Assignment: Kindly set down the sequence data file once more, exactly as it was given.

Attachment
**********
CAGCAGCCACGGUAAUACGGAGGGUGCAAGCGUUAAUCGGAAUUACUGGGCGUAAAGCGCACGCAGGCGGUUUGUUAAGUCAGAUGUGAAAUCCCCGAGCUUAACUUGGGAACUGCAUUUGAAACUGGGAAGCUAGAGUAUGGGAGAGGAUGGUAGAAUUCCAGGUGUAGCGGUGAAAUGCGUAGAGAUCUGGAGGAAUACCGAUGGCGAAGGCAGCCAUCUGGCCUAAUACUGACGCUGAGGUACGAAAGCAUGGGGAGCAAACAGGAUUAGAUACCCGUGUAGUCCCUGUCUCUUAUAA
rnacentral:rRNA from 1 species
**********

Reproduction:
CAGCAGCCACGGUAAUACGGAGGGUGCAAGCGUUAAUCGGAAUUACUGGGCGUAAAGCGCACGCAGGCGGUUUGUUAAGUCAGAUGUGAAAUCCCCGAGCUUAACUUGGGAACUGCAUUUGAAACUGGGAAGCUAGAGUAUGGGAGAGGAUGGUAGAAUUCCAGGUGUAGCGGUGAAAUGCGUAGAGAUCUGGAGGAAUACCGAUGGCGAAGGCAGCCAUCUGGCCUAAUACUGACGCUGAGGUACGAAAGCAUGGGGAGCAAACAGGAUUAGAUACCCGUGUAGUCCCUGUCUCUUAUAA
rnacentral:rRNA from 1 species